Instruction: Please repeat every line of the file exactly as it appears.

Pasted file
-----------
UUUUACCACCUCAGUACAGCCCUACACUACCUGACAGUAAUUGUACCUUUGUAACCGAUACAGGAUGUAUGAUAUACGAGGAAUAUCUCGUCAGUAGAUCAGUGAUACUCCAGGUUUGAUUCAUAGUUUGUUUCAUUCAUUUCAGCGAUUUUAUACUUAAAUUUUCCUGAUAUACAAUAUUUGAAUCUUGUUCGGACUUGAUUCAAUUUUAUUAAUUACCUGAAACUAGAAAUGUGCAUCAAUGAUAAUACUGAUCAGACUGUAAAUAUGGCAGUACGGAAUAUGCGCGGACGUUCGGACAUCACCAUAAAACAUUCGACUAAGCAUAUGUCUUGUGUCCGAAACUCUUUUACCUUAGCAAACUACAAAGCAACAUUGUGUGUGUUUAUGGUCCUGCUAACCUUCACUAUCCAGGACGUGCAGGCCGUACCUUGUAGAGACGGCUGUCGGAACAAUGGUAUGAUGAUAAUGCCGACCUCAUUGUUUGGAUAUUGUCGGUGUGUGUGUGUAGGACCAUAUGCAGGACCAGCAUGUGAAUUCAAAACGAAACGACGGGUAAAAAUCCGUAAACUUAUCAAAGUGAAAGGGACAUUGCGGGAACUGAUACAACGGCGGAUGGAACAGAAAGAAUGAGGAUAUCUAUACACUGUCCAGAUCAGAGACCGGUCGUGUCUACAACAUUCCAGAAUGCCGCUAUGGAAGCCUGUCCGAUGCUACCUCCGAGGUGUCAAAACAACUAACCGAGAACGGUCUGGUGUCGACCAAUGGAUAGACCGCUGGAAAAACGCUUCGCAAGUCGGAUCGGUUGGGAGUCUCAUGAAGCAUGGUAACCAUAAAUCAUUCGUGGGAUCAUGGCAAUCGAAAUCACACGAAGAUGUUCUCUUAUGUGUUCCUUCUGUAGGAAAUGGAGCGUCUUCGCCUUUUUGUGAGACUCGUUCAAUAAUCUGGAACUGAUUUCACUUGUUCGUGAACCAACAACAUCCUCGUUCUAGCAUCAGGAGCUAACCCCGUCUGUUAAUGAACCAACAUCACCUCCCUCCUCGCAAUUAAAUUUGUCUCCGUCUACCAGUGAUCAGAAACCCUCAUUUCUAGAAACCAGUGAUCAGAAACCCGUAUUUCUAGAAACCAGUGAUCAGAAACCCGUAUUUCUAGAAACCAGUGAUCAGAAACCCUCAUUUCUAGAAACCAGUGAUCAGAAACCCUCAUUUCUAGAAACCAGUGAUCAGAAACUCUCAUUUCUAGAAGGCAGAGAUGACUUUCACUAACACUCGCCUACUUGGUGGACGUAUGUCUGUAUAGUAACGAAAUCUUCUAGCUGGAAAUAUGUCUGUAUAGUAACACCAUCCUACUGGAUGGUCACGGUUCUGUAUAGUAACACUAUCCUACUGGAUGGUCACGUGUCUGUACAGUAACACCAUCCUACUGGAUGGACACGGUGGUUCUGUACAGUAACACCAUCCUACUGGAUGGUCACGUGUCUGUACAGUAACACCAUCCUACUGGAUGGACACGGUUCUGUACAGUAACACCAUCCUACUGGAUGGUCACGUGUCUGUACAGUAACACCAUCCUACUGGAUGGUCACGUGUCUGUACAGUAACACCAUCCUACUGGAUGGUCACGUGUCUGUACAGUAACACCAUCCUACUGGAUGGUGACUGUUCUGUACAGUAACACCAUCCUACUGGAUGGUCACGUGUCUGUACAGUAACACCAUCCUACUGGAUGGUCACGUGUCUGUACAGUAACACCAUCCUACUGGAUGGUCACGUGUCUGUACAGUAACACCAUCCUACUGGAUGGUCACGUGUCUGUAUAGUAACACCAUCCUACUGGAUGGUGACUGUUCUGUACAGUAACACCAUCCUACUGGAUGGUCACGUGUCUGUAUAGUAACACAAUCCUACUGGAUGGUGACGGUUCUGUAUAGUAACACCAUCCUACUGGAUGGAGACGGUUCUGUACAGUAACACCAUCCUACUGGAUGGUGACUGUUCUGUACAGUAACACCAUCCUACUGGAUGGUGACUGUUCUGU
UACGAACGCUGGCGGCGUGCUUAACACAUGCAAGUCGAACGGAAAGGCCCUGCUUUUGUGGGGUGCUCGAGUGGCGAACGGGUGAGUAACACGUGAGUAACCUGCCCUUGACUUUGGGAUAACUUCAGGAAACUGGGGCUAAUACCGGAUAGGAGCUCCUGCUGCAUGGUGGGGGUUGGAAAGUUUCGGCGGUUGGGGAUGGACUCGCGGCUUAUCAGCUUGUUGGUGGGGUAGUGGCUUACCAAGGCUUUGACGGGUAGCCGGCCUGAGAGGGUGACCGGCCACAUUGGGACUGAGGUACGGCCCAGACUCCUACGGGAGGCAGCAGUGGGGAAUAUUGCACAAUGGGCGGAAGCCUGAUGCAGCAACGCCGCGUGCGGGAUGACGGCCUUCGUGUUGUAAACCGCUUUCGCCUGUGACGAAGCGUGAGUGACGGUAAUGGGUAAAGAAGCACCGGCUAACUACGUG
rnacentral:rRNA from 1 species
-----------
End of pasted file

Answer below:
UUUUACCACCUCAGUACAGCCCUACACUACCUGACAGUAAUUGUACCUUUGUAACCGAUACAGGAUGUAUGAUAUACGAGGAAUAUCUCGUCAGUAGAUCAGUGAUACUCCAGGUUUGAUUCAUAGUUUGUUUCAUUCAUUUCAGCGAUUUUAUACUUAAAUUUUCCUGAUAUACAAUAUUUGAAUCUUGUUCGGACUUGAUUCAAUUUUAUUAAUUACCUGAAACUAGAAAUGUGCAUCAAUGAUAAUACUGAUCAGACUGUAAAUAUGGCAGUACGGAAUAUGCGCGGACGUUCGGACAUCACCAUAAAACAUUCGACUAAGCAUAUGUCUUGUGUCCGAAACUCUUUUACCUUAGCAAACUACAAAGCAACAUUGUGUGUGUUUAUGGUCCUGCUAACCUUCACUAUCCAGGACGUGCAGGCCGUACCUUGUAGAGACGGCUGUCGGAACAAUGGUAUGAUGAUAAUGCCGACCUCAUUGUUUGGAUAUUGUCGGUGUGUGUGUGUAGGACCAUAUGCAGGACCAGCAUGUGAAUUCAAAACGAAACGACGGGUAAAAAUCCGUAAACUUAUCAAAGUGAAAGGGACAUUGCGGGAACUGAUACAACGGCGGAUGGAACAGAAAGAAUGAGGAUAUCUAUACACUGUCCAGAUCAGAGACCGGUCGUGUCUACAACAUUCCAGAAUGCCGCUAUGGAAGCCUGUCCGAUGCUACCUCCGAGGUGUCAAAACAACUAACCGAGAACGGUCUGGUGUCGACCAAUGGAUAGACCGCUGGAAAAACGCUUCGCAAGUCGGAUCGGUUGGGAGUCUCAUGAAGCAUGGUAACCAUAAAUCAUUCGUGGGAUCAUGGCAAUCGAAAUCACACGAAGAUGUUCUCUUAUGUGUUCCUUCUGUAGGAAAUGGAGCGUCUUCGCCUUUUUGUGAGACUCGUUCAAUAAUCUGGAACUGAUUUCACUUGUUCGUGAACCAACAACAUCCUCGUUCUAGCAUCAGGAGCUAACCCCGUCUGUUAAUGAACCAACAUCACCUCCCUCCUCGCAAUUAAAUUUGUCUCCGUCUACCAGUGAUCAGAAACCCUCAUUUCUAGAAACCAGUGAUCAGAAACCCGUAUUUCUAGAAACCAGUGAUCAGAAACCCGUAUUUCUAGAAACCAGUGAUCAGAAACCCUCAUUUCUAGAAACCAGUGAUCAGAAACCCUCAUUUCUAGAAACCAGUGAUCAGAAACUCUCAUUUCUAGAAGGCAGAGAUGACUUUCACUAACACUCGCCUACUUGGUGGACGUAUGUCUGUAUAGUAACGAAAUCUUCUAGCUGGAAAUAUGUCUGUAUAGUAACACCAUCCUACUGGAUGGUCACGGUUCUGUAUAGUAACACUAUCCUACUGGAUGGUCACGUGUCUGUACAGUAACACCAUCCUACUGGAUGGACACGGUGGUUCUGUACAGUAACACCAUCCUACUGGAUGGUCACGUGUCUGUACAGUAACACCAUCCUACUGGAUGGACACGGUUCUGUACAGUAACACCAUCCUACUGGAUGGUCACGUGUCUGUACAGUAACACCAUCCUACUGGAUGGUCACGUGUCUGUACAGUAACACCAUCCUACUGGAUGGUCACGUGUCUGUACAGUAACACCAUCCUACUGGAUGGUGACUGUUCUGUACAGUAACACCAUCCUACUGGAUGGUCACGUGUCUGUACAGUAACACCAUCCUACUGGAUGGUCACGUGUCUGUACAGUAACACCAUCCUACUGGAUGGUCACGUGUCUGUACAGUAACACCAUCCUACUGGAUGGUCACGUGUCUGUAUAGUAACACCAUCCUACUGGAUGGUGACUGUUCUGUACAGUAACACCAUCCUACUGGAUGGUCACGUGUCUGUAUAGUAACACAAUCCUACUGGAUGGUGACGGUUCUGUAUAGUAACACCAUCCUACUGGAUGGAGACGGUUCUGUACAGUAACACCAUCCUACUGGAUGGUGACUGUUCUGUACAGUAACACCAUCCUACUGGAUGGUGACUGUUCUGU
UACGAACGCUGGCGGCGUGCUUAACACAUGCAAGUCGAACGGAAAGGCCCUGCUUUUGUGGGGUGCUCGAGUGGCGAACGGGUGAGUAACACGUGAGUAACCUGCCCUUGACUUUGGGAUAACUUCAGGAAACUGGGGCUAAUACCGGAUAGGAGCUCCUGCUGCAUGGUGGGGGUUGGAAAGUUUCGGCGGUUGGGGAUGGACUCGCGGCUUAUCAGCUUGUUGGUGGGGUAGUGGCUUACCAAGGCUUUGACGGGUAGCCGGCCUGAGAGGGUGACCGGCCACAUUGGGACUGAGGUACGGCCCAGACUCCUACGGGAGGCAGCAGUGGGGAAUAUUGCACAAUGGGCGGAAGCCUGAUGCAGCAACGCCGCGUGCGGGAUGACGGCCUUCGUGUUGUAAACCGCUUUCGCCUGUGACGAAGCGUGAGUGACGGUAAUGGGUAAAGAAGCACCGGCUAACUACGUG
rnacentral:rRNA from 1 species